Hendrik Christian Marches On


By Catherine Sasman


After the Momentum Group and Swabou Life announced the transfer of long-term insurance policies from South African-based Momentum Group to Swabou Life in a public notice last week, Hendrik Christian, who has opposed this in the High Court, is now appealing the transfer with the Supreme Court in Windhoek.

The transfer involved 11 774 long-term insurance policies with a total asset value of N$850-million.

On July 20, Judge Kato van Niekerk “sanctioned” the contested transfer, stating that the insurance companies had complied with the relevant sections of the law.

With the transfer agreement, Momentum obtains a preference share interest of 35 percent equity holding in Swabou Life, with the remaining 65 percent shareholding remaining with FNB Namibia Holdings Ltd.

Van Niekerk said in her reasons that Namibian policy-holders would benefit from the transfer, and the services would be rendered more effectively and cheaply if run by Swabou Life.

She said Christian’s objection only concerned part of the transfer “inasmuch as it allegedly relates to the transfer or retirement annuity business, but he seeks, in effect, to stay the whole process.”

She said neither the SRAF [Self-Retirement Annuity Fund] nor any member of it, nor any policyholder, shareholder or creditor had raised any objection to the transfer.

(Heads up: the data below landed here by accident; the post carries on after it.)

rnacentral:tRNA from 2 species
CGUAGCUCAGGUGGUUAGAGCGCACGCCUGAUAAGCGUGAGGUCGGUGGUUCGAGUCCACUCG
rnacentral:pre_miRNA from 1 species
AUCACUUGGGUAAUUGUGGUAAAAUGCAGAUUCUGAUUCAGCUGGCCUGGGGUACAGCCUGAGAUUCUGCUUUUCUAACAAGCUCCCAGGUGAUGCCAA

Christian disputed the transfer arguing that, despite claims to repatriation of the SRAF, these pension funds have been in possession of the Momentum Group.

He also argued that the same subject matter was in dispute with the Supreme Court, and that the High Court therefore did not have the necessary jurisdiction to grant approval for the transfer.

In his notice of appeal to the Supreme Court on August 1, following the High Court ruling, Christian said Van Niekerk “erred in her interpretation, evaluation and comprehension” of the entire application affecting the transfer.

He said the judge had failed to make a distinction between a pension fund business and the long-term insurance business”, arguing that a retirement annuity fund business may not be transferred in terms of the Long-Term Insurance Act of 1998.


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